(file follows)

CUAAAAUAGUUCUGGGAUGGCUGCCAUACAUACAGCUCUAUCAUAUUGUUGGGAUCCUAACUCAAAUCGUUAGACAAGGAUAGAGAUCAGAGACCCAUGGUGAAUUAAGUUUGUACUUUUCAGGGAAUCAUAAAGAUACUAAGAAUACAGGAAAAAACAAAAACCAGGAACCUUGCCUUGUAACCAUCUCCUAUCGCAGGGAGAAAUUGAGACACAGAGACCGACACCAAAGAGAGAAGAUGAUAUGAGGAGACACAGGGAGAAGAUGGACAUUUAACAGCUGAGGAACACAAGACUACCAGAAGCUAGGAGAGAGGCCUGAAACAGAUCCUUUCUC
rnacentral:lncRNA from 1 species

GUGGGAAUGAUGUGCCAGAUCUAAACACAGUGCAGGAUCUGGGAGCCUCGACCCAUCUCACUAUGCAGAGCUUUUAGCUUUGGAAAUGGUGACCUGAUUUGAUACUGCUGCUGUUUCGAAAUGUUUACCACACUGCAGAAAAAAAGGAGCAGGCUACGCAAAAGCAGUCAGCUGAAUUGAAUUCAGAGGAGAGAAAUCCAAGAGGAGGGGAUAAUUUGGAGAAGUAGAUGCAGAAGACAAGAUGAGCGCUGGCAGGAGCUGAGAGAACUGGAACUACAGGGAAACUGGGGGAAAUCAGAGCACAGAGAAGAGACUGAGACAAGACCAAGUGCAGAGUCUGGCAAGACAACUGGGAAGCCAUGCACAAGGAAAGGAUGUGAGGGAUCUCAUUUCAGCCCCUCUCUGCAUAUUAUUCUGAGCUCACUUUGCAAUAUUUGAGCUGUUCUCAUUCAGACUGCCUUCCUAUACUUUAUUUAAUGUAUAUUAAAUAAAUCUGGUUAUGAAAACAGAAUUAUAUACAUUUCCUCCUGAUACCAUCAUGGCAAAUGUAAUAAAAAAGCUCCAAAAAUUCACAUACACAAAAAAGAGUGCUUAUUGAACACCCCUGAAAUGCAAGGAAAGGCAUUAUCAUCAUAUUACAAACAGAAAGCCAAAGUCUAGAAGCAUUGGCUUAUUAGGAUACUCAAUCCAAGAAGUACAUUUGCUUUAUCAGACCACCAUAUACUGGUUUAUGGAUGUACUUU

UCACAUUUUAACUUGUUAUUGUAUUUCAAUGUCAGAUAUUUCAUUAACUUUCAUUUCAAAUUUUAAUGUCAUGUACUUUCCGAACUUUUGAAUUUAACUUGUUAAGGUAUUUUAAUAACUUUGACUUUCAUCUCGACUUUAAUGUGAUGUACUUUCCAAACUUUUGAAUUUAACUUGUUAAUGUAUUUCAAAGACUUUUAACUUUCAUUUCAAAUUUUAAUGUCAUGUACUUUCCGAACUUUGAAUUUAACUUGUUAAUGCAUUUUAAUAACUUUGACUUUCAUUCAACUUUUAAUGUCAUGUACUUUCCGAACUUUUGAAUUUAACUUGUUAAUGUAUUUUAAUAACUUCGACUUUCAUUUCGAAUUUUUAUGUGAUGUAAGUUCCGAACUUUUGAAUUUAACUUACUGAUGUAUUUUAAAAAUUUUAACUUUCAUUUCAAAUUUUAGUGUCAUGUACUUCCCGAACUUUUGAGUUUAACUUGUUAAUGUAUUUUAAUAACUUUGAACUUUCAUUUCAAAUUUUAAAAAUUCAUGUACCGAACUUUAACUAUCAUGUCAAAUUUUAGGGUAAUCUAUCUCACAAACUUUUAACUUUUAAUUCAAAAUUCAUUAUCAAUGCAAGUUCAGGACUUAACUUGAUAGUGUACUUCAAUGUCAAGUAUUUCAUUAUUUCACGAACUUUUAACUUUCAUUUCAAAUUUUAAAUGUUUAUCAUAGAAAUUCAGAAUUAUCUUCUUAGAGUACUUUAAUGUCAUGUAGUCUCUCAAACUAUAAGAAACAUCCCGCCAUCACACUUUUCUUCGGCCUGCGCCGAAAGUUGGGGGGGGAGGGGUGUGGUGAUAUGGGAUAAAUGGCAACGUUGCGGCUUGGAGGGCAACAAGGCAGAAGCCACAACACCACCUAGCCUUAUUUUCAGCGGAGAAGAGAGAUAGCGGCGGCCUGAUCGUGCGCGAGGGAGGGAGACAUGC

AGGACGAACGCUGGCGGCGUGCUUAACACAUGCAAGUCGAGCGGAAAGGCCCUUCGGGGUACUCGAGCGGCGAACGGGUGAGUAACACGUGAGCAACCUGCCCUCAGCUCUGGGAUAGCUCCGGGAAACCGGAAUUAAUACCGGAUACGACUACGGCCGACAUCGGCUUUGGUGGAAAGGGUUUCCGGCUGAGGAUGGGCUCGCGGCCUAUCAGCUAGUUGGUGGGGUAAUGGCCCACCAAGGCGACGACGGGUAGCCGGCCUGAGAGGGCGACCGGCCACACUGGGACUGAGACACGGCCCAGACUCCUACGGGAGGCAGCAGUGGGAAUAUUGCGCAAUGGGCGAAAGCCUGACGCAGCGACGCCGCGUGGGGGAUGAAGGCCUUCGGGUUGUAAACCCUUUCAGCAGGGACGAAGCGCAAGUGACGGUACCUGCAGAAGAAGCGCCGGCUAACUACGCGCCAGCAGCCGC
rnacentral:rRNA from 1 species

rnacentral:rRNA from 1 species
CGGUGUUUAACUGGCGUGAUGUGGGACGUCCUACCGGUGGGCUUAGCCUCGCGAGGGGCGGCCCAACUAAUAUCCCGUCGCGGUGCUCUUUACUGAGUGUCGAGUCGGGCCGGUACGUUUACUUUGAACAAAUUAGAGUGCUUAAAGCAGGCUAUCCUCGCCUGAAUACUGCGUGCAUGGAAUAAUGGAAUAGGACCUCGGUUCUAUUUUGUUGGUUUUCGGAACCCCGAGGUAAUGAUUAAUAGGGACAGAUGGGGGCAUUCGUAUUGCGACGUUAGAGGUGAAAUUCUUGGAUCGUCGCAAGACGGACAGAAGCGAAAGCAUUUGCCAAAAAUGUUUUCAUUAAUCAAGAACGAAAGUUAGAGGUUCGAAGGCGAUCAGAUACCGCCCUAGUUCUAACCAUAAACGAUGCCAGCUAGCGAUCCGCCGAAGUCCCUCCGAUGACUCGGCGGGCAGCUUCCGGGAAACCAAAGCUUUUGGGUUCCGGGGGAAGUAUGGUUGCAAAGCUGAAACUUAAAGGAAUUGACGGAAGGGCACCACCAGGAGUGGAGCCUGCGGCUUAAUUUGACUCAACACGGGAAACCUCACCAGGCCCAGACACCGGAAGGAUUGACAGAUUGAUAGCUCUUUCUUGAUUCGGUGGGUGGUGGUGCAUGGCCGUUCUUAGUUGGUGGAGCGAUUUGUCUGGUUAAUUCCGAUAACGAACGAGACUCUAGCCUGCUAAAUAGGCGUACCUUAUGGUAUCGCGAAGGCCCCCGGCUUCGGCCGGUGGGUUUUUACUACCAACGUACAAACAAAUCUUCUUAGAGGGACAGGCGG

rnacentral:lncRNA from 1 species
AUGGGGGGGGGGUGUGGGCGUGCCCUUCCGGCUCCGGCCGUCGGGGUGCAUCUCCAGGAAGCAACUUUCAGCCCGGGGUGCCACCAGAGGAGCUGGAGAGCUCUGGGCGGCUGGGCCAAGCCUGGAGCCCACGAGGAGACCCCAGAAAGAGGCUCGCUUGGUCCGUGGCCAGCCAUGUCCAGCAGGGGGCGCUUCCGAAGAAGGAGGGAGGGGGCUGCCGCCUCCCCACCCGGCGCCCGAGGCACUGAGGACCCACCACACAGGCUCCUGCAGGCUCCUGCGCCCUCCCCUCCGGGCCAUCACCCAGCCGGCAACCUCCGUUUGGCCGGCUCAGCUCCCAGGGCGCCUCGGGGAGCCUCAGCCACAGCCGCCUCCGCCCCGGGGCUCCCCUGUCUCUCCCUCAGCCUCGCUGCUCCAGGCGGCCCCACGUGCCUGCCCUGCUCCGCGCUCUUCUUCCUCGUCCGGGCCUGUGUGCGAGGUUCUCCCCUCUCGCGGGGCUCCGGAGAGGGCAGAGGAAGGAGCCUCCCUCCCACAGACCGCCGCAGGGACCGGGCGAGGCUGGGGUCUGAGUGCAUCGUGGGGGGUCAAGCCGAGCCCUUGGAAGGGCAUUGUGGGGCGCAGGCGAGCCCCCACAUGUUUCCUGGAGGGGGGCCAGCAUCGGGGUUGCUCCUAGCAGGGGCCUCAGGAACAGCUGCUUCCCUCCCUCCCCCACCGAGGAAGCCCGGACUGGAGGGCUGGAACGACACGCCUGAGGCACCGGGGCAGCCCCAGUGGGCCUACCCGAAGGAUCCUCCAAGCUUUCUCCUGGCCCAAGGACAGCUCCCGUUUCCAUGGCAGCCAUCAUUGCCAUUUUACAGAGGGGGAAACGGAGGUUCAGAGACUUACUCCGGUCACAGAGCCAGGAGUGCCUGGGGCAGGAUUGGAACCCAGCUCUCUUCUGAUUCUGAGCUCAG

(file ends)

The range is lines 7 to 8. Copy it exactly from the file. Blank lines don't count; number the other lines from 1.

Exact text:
rnacentral:rRNA from 1 species
CGGUGUUUAACUGGCGUGAUGUGGGACGUCCUACCGGUGGGCUUAGCCUCGCGAGGGGCGGCCCAACUAAUAUCCCGUCGCGGUGCUCUUUACUGAGUGUCGAGUCGGGCCGGUACGUUUACUUUGAACAAAUUAGAGUGCUUAAAGCAGGCUAUCCUCGCCUGAAUACUGCGUGCAUGGAAUAAUGGAAUAGGACCUCGGUUCUAUUUUGUUGGUUUUCGGAACCCCGAGGUAAUGAUUAAUAGGGACAGAUGGGGGCAUUCGUAUUGCGACGUUAGAGGUGAAAUUCUUGGAUCGUCGCAAGACGGACAGAAGCGAAAGCAUUUGCCAAAAAUGUUUUCAUUAAUCAAGAACGAAAGUUAGAGGUUCGAAGGCGAUCAGAUACCGCCCUAGUUCUAACCAUAAACGAUGCCAGCUAGCGAUCCGCCGAAGUCCCUCCGAUGACUCGGCGGGCAGCUUCCGGGAAACCAAAGCUUUUGGGUUCCGGGGGAAGUAUGGUUGCAAAGCUGAAACUUAAAGGAAUUGACGGAAGGGCACCACCAGGAGUGGAGCCUGCGGCUUAAUUUGACUCAACACGGGAAACCUCACCAGGCCCAGACACCGGAAGGAUUGACAGAUUGAUAGCUCUUUCUUGAUUCGGUGGGUGGUGGUGCAUGGCCGUUCUUAGUUGGUGGAGCGAUUUGUCUGGUUAAUUCCGAUAACGAACGAGACUCUAGCCUGCUAAAUAGGCGUACCUUAUGGUAUCGCGAAGGCCCCCGGCUUCGGCCGGUGGGUUUUUACUACCAACGUACAAACAAAUCUUCUUAGAGGGACAGGCGG